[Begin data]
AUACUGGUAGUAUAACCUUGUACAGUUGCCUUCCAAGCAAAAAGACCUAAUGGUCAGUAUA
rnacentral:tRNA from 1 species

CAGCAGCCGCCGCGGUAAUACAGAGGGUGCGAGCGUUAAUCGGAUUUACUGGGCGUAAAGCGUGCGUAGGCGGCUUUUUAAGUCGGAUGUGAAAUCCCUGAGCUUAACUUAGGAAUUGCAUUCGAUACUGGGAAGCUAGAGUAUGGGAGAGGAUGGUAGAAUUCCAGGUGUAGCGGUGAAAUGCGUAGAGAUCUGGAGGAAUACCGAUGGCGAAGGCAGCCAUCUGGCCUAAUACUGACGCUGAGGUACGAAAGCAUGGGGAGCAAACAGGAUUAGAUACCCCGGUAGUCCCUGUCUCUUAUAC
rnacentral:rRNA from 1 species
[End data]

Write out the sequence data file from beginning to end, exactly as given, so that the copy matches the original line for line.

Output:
AUACUGGUAGUAUAACCUUGUACAGUUGCCUUCCAAGCAAAAAGACCUAAUGGUCAGUAUA
rnacentral:tRNA from 1 species

CAGCAGCCGCCGCGGUAAUACAGAGGGUGCGAGCGUUAAUCGGAUUUACUGGGCGUAAAGCGUGCGUAGGCGGCUUUUUAAGUCGGAUGUGAAAUCCCUGAGCUUAACUUAGGAAUUGCAUUCGAUACUGGGAAGCUAGAGUAUGGGAGAGGAUGGUAGAAUUCCAGGUGUAGCGGUGAAAUGCGUAGAGAUCUGGAGGAAUACCGAUGGCGAAGGCAGCCAUCUGGCCUAAUACUGACGCUGAGGUACGAAAGCAUGGGGAGCAAACAGGAUUAGAUACCCCGGUAGUCCCUGUCUCUUAUAC
rnacentral:rRNA from 1 species